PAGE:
Sunday, March 8, 2009

The Easter Bunny


The Easter Bunny is much older than Christianity. It is the lunar hare, sacred to the Moon Goddess in both the Orient and in western countries. In China, people gazing at the full moon see in it’s shadows the image of the lovely young Goddess Chang-O, holding her pet hare in her arms. In Japan, the people say that the lunar hare constantly crops the grass on the moon’s surface, cleaning it so that the moon shines white and not green. In the West, the hare, like the cat, was a common Witch’s familiar; and Witches were said to have the power to turn themselves into hares. Irish peasants, to this day, observe the matriarchal taboo on hare meat, saying that to eat a hare is to eat one’s grandmother. The Celtic warrior-queen Boadicea of early Britain had on her banners the device of the lunar hare. In Germany, the people recalled the myths of the Moon Goddess Hathor-Astarte who laid the Golden Egg of the Sun, and children were told that, if they were good, the hare would lay eggs for them on Easter Eve.

To get a proper understanding how the cute fluffy bunny became a popular symbol of Easter, you have to look into the pagan roots of this holiday. The name Easter evolved from the Goddess’s name, Ostara, the Germanic goddess of dawn. Her name means towards the East.

Ostara is honored in the month of April with festivals celebrating re-birth and renewal. Easter, like most Pagan festivals evolved into a Christian holiday focusing, not on the Goddess, but on the Biblical Jesus and his resurrection. Even so, Easter kept the symbols and many of the rituals of the Pagan festival. The Easter Bunny is one of them.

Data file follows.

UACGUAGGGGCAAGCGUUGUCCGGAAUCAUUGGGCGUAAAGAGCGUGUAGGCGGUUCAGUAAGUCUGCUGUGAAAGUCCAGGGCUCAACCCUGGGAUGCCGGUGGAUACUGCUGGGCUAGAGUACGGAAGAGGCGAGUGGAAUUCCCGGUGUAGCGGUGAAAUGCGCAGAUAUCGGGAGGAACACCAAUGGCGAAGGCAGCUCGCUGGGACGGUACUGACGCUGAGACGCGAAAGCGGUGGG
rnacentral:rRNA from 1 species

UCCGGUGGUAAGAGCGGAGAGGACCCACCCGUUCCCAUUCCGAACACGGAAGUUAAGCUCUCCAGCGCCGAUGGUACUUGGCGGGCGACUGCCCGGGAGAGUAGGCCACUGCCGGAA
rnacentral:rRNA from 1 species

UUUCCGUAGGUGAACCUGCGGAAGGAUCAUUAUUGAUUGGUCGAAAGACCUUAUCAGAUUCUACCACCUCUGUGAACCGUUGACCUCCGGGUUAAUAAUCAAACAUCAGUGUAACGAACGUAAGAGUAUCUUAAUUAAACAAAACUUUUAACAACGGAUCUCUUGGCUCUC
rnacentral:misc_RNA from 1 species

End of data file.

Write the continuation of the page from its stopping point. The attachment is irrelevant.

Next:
Legend has it that many years ago, a young girl was gathering wood for her family’s fireplace as spring had not quite arrived and snow was still on the ground. As she ventured further into the overgrowth, she heard a slight rustling under some dead leaves. Being a very curious child, she investigated more thoroughly and found a little, half frozen bird. The girl loved all nature, especially birds for the beautiful songs they sang in the warmer months. She wanted to do everything she could to help this poor little bird that was freezing to death. So, she took off her shawl and wrapped the little bird up inside to get warm. After some time, she melted some snow in her hand to give the little bird a drink. The little bird, although not dead, wasn’t moving at all and looked to be getting worse instead of better. This was heartbreaking for the girl and she started to cry. The Goddess Ostara was known for her love of children. When Ostara heard the cries of the girl who was trying so hard to save the bird, Ostara knew she had to find a way to help. Ostara found where the child was sitting in the woods and quickly went to see her. When the girl saw Ostara approaching, she quickly ran over to the Goddess with the bird in her hands. Ostara took the bird gently from the child. Ostara knew that this bird should have flown south for the winter, but for some reason was left behind. She also knew that if she saved the bird today, it would surely freeze to death the next day, or starve before the warmer weather arrived. The only way to save the bird was to turn it into something that could survive the cold and find food. So, Ostara changed the bird into a rabbit. At first, the used to be bird, now rabbit, was confused because it couldn’t fly or sing. But it slowly found out that the new soft warm fur kept it feeling very warm in the snow. It enjoyed hopping joyfully around the Goddess and the girl. A short time later, when the snow was melting and the world was beginning to wake from its winter slumber, the rabbit once again crossed paths with the girl. It was very happy in its new life as a rabbit and wanted to give a gift to the child for saving its life. It was still a bird on the inside; so it laid eggs, for the girl, Ostara, and the rest of the village. The eggs were brightly colored with speckles. For many years on Easter, the rabbit continued to lay eggs as gifts for all to find. Today, we color the eggs ourselves and lay them out in remembrance of new beginnings, just like the rabbit that used to be a bird had done.